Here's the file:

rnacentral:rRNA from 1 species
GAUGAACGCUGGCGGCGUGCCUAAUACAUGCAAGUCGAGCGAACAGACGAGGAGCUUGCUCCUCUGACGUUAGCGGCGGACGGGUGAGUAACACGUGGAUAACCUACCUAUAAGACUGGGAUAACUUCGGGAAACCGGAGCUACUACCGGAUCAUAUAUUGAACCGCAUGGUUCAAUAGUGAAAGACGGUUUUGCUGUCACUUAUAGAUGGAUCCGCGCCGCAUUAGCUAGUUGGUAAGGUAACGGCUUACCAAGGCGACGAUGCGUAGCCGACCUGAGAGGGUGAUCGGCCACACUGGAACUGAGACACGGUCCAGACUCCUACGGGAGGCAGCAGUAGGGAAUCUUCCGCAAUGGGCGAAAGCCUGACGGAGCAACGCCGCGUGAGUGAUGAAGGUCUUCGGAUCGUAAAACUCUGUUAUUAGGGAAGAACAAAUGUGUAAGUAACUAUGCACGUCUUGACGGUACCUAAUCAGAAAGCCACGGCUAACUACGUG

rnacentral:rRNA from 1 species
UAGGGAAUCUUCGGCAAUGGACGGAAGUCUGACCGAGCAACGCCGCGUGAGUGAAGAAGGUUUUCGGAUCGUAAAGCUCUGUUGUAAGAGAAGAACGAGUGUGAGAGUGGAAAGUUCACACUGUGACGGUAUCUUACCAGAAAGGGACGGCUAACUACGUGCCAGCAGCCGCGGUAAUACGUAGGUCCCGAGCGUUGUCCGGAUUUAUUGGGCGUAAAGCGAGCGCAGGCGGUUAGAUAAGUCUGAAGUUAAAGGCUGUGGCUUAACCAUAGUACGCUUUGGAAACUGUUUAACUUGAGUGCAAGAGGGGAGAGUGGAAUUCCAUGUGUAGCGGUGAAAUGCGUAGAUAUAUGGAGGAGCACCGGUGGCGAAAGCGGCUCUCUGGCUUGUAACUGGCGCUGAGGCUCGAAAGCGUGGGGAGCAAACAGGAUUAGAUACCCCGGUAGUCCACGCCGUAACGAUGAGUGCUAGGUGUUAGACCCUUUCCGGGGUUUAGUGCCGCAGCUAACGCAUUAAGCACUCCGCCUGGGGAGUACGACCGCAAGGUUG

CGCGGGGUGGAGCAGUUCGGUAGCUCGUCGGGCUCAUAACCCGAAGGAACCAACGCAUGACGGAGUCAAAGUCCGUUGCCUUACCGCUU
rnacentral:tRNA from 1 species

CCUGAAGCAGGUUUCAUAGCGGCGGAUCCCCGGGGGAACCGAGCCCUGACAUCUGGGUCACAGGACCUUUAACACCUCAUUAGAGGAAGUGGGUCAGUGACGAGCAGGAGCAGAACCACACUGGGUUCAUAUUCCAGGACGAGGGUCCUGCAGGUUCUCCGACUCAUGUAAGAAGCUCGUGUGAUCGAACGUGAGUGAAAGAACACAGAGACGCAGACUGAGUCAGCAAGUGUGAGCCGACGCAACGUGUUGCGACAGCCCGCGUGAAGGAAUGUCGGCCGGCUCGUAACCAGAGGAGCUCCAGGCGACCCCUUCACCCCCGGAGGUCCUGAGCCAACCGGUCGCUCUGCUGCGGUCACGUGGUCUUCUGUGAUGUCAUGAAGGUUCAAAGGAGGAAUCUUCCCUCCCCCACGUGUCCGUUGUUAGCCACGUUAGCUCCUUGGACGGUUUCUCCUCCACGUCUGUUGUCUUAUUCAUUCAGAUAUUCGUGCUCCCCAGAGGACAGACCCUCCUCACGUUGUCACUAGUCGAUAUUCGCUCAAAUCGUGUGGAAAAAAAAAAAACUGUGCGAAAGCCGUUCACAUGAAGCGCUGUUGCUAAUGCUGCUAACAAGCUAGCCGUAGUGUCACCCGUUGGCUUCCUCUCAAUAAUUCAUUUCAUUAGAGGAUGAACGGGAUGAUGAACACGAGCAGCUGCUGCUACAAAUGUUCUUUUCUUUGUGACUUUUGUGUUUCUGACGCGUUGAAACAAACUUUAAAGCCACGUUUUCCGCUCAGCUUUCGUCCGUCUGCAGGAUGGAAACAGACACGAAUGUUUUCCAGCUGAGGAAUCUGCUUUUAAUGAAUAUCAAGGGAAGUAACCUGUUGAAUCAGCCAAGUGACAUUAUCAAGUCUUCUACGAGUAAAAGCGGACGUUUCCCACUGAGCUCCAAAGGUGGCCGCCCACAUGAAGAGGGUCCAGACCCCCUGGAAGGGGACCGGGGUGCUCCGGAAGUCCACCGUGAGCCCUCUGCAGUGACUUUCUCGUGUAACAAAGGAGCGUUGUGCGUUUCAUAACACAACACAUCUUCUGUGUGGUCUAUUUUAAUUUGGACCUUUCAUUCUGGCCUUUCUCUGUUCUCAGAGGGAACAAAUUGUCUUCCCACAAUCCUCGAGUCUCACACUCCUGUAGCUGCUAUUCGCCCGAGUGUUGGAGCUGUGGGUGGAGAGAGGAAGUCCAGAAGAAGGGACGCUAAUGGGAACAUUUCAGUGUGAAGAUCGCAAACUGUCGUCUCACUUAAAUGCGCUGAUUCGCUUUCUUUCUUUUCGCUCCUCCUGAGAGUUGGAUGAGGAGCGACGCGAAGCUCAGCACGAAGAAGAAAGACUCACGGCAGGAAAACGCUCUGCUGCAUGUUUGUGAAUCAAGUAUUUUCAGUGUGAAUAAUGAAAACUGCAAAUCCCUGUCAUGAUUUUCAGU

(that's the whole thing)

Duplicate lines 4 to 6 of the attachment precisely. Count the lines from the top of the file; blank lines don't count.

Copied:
UAGGGAAUCUUCGGCAAUGGACGGAAGUCUGACCGAGCAACGCCGCGUGAGUGAAGAAGGUUUUCGGAUCGUAAAGCUCUGUUGUAAGAGAAGAACGAGUGUGAGAGUGGAAAGUUCACACUGUGACGGUAUCUUACCAGAAAGGGACGGCUAACUACGUGCCAGCAGCCGCGGUAAUACGUAGGUCCCGAGCGUUGUCCGGAUUUAUUGGGCGUAAAGCGAGCGCAGGCGGUUAGAUAAGUCUGAAGUUAAAGGCUGUGGCUUAACCAUAGUACGCUUUGGAAACUGUUUAACUUGAGUGCAAGAGGGGAGAGUGGAAUUCCAUGUGUAGCGGUGAAAUGCGUAGAUAUAUGGAGGAGCACCGGUGGCGAAAGCGGCUCUCUGGCUUGUAACUGGCGCUGAGGCUCGAAAGCGUGGGGAGCAAACAGGAUUAGAUACCCCGGUAGUCCACGCCGUAACGAUGAGUGCUAGGUGUUAGACCCUUUCCGGGGUUUAGUGCCGCAGCUAACGCAUUAAGCACUCCGCCUGGGGAGUACGACCGCAAGGUUG

CGCGGGGUGGAGCAGUUCGGUAGCUCGUCGGGCUCAUAACCCGAAGGAACCAACGCAUGACGGAGUCAAAGUCCGUUGCCUUACCGCUU
rnacentral:tRNA from 1 species